• But have they outlawed *paper* bags?

      I do occasionally appreciate the occasional plastic bag, but for the most part I just get annoyed at having another one. Which is why I started taking my canvas bags in the first place.

      I’d be interested to see what the general public thinks about the whole thing.

    • Dargon Says:

      I read an article which showed that everywhere plastic bags have been banned, plastic garbage bag sales have gone up. I know I use my plastic bags for garbage and the like.

  2. great post–it’s something that I work on with my husband–just because it’s free doesn’t meet we need to take it!

    And I totally agree with the paper bag comment. Whole Foods (which, ironically, is one of the more reasonably priced grocery stores here in NYC) no longer gives out plastic bags, but will let you get a paper bag. I reuse my plastic, but paper are just recycled. I do try to remember to bring my bags with me, but occasionally I forget or just buy too much. And if you’ve ever tried to put a gallon of milk in a paper bag, you know it has to be doubled and then with a wish and a prayer that it doesn’t fall apart during the long walk home.

    • I have the same problem with paper. Plastic bags can be reused in many ways (I often put the recycling in them or use them for trash can liners). Paper bags, not so much…I usually end up using them to put Goodwill donations in, as the recycling center doesn’t like to take them.

  3. Trisha Says:

    You would love Europe. I love Europe for what they do here!

    On my first day at my host family’s house, my host father explained how to operate the shower and other useful things about the house. This house is economical. With my fellow student Catie, there are 7 people living in this house with one shower. The rooms have minimal appliances and each has a radiator connected to a central system and you get heat on demand depending on the room. This is nice, saves energy and can be easily turned off when you leave.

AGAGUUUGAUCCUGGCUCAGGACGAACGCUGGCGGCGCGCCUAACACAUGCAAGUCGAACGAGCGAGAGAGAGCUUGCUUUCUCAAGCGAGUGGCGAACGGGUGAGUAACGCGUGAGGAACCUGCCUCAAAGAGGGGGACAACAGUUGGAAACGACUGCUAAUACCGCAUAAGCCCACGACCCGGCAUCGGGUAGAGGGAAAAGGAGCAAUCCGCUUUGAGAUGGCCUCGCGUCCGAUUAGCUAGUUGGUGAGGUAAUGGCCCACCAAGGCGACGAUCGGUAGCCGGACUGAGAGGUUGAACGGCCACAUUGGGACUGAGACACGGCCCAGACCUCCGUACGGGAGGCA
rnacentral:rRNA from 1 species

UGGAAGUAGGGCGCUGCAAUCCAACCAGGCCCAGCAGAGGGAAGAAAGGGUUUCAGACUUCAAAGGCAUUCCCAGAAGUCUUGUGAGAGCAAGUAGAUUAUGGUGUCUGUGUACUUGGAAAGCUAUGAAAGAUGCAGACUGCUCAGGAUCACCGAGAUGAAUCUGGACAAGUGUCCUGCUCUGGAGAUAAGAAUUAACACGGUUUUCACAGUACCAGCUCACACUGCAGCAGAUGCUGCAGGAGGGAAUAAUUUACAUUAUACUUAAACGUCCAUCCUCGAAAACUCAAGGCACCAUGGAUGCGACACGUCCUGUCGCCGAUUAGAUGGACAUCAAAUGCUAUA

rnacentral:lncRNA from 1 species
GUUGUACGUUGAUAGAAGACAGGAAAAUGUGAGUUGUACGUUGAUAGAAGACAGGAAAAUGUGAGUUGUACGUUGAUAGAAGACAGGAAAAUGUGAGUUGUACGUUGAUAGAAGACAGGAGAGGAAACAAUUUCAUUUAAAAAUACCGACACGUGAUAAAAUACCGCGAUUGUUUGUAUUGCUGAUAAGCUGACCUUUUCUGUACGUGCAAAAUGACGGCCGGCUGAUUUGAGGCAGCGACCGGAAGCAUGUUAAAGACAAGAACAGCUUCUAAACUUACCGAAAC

We also have to be careful about our water usage and my host father showed me a way to be use the water efficiently. Tips i will certainly be using and sharing when I come back in May.

    I have noticed that Europe is very conservative about how they use their resources because it is so costly and there isn’t much to go around. It isn’t even necessary to own a car here, there’s electric powered trains that can get you anywhere you need to go that isn’t walking distance.

    It really makes me see how bloody wasteful America is. I feel almost ashamed of myself, even though my habits weren’t that terrible. I hate the ‘because I can’ excuse too. It is basically giving yourself permission to be lazy, wasteful and a jackass to everyone you meet. *sigh* I wish America would learn a little from Germany’s example and be more considerate.

    • If it weren’t for the climate I’d be saving up to move to Europe already.

      America’s biggest problem has always been our biggest asset: resources. We’re so used to have nearly limitless land, ore, water, etc, etc, that we don’t know how to conserve.

      And I’m looking forward to those tips! :D